🚨New in @PNASNews! We demonstrate that aquatic #biodiversity directly benefits humanity via nutritional benefits of #seafood.
I’m thrilled to share this: it's a BIG one for me, it’s the product of > 7 years (!) of developing ideas & collecting data.
A🧵 pnas.org/content/118/15…
@mioconnor and I bridge the gap between #biodiversity science and human nutrition science & demonstrate mechanistic links between aquatic #biodiversity and human nutritional well-being in the context of #AquaticFoods. Photo of seafood at at market in Papua New Guinea,  courtesy
We answer one of the most pressing questions in ecology:

Does biodiversity per se (species richness and ecological functional diversity), distinct from the identities and abundance of species enhance human well-being?

3/ How did we answer this question? We assembled a new dataset of nutrient concentrations, contaminant concentrations and #ecological traits of >800 seafood species. We focused on the #micronutrients and #FattyAcids. In total, we assembled more than 5000 observations!
4/ We then harnessed classic ecological theory - #biodiversity - ecosystem functioning theory, to test for quantitative links between #biodiversity and nutritional benefits. This is #trait-based ecology meets #biodiversity theory meets human #nutrition science!
5/ We tested for 'biodiversity effects' using #biodiversity experiments with a replacement design, borrowing approaches from biodiversity experiments in #grasslands, and quantifying the slopes of the relationship between #biodiversity & #nutritional benefit
6/ Surprisingly, we found no effect of #biodiversity on #protein provisioning (i.e. portion size required to reach Recommended Dietary Allowance for protein was independent of species richness) -- see yellow lines below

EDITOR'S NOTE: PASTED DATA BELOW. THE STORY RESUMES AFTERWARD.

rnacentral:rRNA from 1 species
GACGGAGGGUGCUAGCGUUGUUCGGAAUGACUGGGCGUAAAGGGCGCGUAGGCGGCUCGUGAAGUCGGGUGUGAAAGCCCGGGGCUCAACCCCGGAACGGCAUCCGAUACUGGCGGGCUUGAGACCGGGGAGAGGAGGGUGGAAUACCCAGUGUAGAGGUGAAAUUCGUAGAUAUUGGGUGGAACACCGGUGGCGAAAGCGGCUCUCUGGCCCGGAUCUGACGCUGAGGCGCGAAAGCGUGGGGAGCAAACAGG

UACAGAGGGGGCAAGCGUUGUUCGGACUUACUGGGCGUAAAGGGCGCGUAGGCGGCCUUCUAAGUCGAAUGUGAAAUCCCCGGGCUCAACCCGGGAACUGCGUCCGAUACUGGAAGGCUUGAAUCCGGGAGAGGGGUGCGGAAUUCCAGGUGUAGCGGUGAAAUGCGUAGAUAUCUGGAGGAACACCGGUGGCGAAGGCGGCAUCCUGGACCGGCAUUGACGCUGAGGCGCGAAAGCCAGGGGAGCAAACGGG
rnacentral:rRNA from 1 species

7/ In contrast to #protein, we found strong benefits of #biodiversity for the #micronutrients and #FattyAcids. Biodiversity effects are as strong as those documented in #forests & #grasslands! Increasing #biodiversity allows people to reach nutritional needs much more efficiently
8/ Why was there a strong benefit of #biodiversity for the #micronutrients but not for #protein? We discovered something really interesting! We found the distribution of #protein concentrations in seafood assemblages are symmetrical, but the #micronutrients are highly skewed!
9/ We also found benefits of #biodiversity when we considered multiple nutritional benefits simultaneously -- this is called ecosystem 'multifunctionality'. Increasing species richness is associated with reaching more nutritional targets per 100g portion
10/ Nutritional benefits were related to the #functional #trait diversity in aquatic assemblages -- the more functionally diverse the system, the greater the nutritional benefit (greater probability of reaching 5 #micronutrient and #FattyAcid targets simultaneously)
11/ more tweets coming tomorrow on #contaminants and #biodiversity in 🦞#AquaticFoods🦐🐟
12/ In the mean time I have many many people to thank @ZoologyUBC and @UBCoceans who supported this work over my PhD years including @coru_ubc @lab_schulte @mtsengphd @thompson_pl @JennSunday @SallyNAitken -- thank you!! 🦞🦐🐟🎣🍣

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More from @JoeyBernhardt

2 Nov 20
Excited to share our new paper with a dream team of co-authors @mioconnor @jennsunday @bio_diverse 🎉🎉🎉

We introduce a new framework, based on feedback and feedforward mechanisms, for understanding how living systems persist in fluctuating environments dx.doi.org/10.1098/rstb.2…
What motivated this paper? Almost every environment on Earth fluctuates over time & space. All living systems, from cells to communities, must deal with these fluctuations to persist, yet we lack a coherent framework to understand these mechanisms at multiple biological scales.
We integrate concepts from systems biology, physiology, population ecology and evolutionary biology to demonstrate that a common set of mechanisms -- *feedbacks* & *feedforwards* -- operate across scales and allow living systems to persist in changing environments.
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